Mary Jo RennerHeart Recipient, South Dakota
It took healthy, active Mary Jo Renner 27 years to find out she had a deadly heart condition. At 27, she learned that the little skipped beats her heart missed were actually a sign of a serious illness called dilated cardiomyopathy. No more waterskiing, no more biking. Instead, a new life with many restrictions.
As she got sicker, Mary Jo’s life was governed by constantly choosing from limited options. It was a life of OR—she could either wash the dishes OR buy groceries, but never both. A life where she could walk up either one OR two steps, but never the whole flight. Where, in her case, pregnancy could be life-threatening. It was no children OR adoption.
Adoption brought two wonderful children into their family. In a life lived with OR, Mary Jo and her husband Roger did their best. Eventually, Mary Jo became very ill, and was placed on the waitlist.
She waited a little over a year, until one day a nurse delivered the news: she would receive the gift of a healthy new heart.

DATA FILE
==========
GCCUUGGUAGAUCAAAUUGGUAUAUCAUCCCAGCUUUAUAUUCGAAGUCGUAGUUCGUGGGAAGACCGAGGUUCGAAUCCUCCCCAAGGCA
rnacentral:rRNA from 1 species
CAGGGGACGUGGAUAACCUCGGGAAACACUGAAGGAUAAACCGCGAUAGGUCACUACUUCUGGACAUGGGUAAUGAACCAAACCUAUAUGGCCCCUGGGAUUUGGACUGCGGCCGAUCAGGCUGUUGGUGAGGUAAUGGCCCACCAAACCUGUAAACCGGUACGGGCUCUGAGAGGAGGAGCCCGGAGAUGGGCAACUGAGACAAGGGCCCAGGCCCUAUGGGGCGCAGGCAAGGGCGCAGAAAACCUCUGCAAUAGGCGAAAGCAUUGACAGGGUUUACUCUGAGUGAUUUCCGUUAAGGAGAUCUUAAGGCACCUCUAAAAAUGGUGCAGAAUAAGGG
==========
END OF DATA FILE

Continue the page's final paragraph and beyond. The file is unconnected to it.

Mary Jo had thought many times about how her transplant would be at the time another person lost their life.
It was hard to think of such loss and not feel grief. That grief she anticipated while waiting would be the grief felt by Bozena, Mirek and Michelle over the loss of their son and brother, Steve, who was only 19 years old.
Today, Mary Jo visits Steve’s parents and they find joy in their connection. With them, she mourns the loss of the wonderful young man who gave her the gift of life, and she celebrates his generosity by living a compassionate life of her own.
Mary Jo doesn’t have one OR two steps, dishes OR groceries—she now has a life of AND. She can bike AND grocery shop AND help an elderly neighbor. Steve gave her a life of AND—a fuller, longer, healthier life—made possible by transplantation AND donation.